Psychometric characteristics of the neonatal oral-motor assessment scale in healthy preterm infants

Tsu Hsin Howe, Ching Fan Sheu, Yu Wei Hsieh, Ching Lin Hsieh

Research output: Contribution to journalArticlepeer-review

Abstract

We examined the reliability, validity, and responsiveness of the Neonatal Oral-Motor Assessment Scale (NOMAS) in healthy preterm infants. Feeding records of 147 infants (71 males, 76 females; gestational age [GA] ≤ 36wks), taken from the day bottle-feeding was initiated to the day the infants were discharged, were used to examine the psychometric properties of the normal and disorganized categories of the NOMAS. The infants, with or without experience of breastfeeding, were all fed by bottle, with either formula and/or breast milk. GA ranged from 24 to 35.9 weeks (mean 29.7 wks, SD 2.7) and birthweight ranged from 470g to 2570g (mean 1251.1g, SD 425.9). Postmenstrual age (PMA) at the starting point of bottle-feeding ranged from 29.4 to 40.1 weeks (mean 33.8 wks, SD 1.7). We found that the NOMAS had satisfactory internal consistency (Cronbach's α >0.70) in the normal category for 32 to 35 weeks'PMA. Moderate correlations were found between scores on the NOMAS and feeding performance for all age groups except for PMA of ≥ 36 weeks (absolute Spearman's rs = 0.51-0.69), indicating acceptable convergent validity. The NOMAS demonstrated moderate responsiveness to changes in oral-motor skills in every 2-week period, ranging from 32 to 36 weeks'PMA (standard response mean greater than 0.5). This study demonstrated that the normal and disorganized categories of the NOMAS are useful, with acceptable psychometric properties, in assessing oral-motor function in preterm infants aged 32 to 35 weeks' PMA. Future research on infants with abnormal oral-motor skills is needed to further validate psychometric properties of the dysfunction category of the NOMAS.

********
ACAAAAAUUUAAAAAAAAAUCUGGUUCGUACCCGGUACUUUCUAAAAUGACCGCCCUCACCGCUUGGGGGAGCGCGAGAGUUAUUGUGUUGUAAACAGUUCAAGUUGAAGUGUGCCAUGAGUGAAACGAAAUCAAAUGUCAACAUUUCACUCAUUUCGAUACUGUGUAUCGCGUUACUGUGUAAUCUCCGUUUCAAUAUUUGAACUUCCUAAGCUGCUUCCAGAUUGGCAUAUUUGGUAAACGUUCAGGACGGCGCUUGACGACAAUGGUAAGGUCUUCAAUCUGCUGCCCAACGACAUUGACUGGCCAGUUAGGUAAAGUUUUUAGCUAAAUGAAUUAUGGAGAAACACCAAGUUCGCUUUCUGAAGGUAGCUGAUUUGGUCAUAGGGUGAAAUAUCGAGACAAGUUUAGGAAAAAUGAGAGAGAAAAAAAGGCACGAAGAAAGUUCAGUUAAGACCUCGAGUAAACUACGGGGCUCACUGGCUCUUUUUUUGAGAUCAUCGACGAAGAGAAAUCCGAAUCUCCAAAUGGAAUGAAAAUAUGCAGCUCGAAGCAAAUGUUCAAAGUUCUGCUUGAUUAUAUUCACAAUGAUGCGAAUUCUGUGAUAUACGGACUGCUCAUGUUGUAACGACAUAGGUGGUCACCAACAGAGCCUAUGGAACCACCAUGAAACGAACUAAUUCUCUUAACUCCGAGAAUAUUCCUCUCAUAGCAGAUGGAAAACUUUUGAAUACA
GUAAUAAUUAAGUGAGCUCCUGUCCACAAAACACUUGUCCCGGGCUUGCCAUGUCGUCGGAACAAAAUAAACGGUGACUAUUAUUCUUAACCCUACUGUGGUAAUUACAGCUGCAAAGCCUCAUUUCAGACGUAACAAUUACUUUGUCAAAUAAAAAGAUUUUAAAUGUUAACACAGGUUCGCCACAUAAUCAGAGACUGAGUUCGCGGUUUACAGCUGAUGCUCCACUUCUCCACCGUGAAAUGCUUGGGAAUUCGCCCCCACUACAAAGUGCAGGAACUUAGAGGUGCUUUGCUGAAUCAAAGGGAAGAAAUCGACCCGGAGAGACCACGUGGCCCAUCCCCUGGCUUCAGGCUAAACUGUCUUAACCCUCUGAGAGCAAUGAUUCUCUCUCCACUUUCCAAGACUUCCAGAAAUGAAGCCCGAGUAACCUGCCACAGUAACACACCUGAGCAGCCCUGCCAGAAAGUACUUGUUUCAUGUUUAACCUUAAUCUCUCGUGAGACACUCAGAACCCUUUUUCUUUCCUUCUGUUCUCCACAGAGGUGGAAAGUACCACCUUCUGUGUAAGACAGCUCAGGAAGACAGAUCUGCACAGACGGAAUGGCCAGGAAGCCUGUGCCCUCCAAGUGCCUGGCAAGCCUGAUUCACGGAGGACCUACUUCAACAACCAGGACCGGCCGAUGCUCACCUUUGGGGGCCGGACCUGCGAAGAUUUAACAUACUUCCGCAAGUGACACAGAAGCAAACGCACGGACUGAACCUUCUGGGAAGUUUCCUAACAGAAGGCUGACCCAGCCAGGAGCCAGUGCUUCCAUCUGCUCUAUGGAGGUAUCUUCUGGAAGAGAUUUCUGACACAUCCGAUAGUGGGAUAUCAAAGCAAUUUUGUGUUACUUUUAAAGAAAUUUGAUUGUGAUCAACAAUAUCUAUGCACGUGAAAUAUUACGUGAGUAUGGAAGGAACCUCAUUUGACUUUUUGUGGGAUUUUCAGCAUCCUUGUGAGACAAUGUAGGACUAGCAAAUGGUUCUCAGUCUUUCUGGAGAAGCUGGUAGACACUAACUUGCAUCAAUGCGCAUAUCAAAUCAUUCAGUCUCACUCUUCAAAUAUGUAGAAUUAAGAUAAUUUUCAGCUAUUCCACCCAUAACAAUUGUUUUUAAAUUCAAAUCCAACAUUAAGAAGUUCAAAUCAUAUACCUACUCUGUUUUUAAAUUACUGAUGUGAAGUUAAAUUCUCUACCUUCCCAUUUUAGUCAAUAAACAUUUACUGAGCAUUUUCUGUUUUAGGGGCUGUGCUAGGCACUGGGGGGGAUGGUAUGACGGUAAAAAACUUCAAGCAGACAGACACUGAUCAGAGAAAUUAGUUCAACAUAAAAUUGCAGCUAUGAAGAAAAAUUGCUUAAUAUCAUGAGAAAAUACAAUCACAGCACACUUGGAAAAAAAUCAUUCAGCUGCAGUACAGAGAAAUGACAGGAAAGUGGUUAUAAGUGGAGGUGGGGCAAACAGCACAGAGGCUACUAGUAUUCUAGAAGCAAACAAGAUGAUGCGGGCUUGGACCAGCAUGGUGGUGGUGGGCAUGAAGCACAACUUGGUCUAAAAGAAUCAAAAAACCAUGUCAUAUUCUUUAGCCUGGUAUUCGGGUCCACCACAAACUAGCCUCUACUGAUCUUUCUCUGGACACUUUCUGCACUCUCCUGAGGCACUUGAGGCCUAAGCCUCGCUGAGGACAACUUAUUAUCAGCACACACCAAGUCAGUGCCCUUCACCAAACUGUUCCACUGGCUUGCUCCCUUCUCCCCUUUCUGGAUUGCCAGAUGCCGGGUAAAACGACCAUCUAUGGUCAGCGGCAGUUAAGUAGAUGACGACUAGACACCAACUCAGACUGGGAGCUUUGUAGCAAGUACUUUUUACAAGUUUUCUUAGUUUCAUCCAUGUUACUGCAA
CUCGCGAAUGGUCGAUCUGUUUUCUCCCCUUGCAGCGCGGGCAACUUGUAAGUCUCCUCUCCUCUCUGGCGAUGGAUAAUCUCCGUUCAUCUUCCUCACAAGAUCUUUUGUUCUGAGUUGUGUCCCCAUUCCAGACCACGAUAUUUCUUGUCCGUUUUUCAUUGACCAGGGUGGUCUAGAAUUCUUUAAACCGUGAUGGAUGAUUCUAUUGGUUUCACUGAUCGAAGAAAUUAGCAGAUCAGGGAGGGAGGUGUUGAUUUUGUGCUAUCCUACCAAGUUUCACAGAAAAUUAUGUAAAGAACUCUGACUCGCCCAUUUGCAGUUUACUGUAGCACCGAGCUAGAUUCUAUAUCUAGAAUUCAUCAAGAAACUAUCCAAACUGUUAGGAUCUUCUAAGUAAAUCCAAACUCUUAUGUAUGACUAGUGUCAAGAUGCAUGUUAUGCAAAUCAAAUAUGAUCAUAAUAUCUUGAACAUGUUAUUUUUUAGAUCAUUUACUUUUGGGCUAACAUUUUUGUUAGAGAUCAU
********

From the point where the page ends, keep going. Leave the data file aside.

Original languageEnglish (US)
Pages (from-to)915-919
Number of pages5
JournalDevelopmental Medicine and Child Neurology
Volume49
Issue number12
DOIs
StatePublished - Dec 2007

Keywords

  • neonatal oral-motor skills
  • preterm infants
  • pediatric development
  • Feeding related issues

ASJC Scopus subject areas

  • Clinical Neurology
  • Pediatrics, Perinatology, and Child Health
  • Neuroscience(all)

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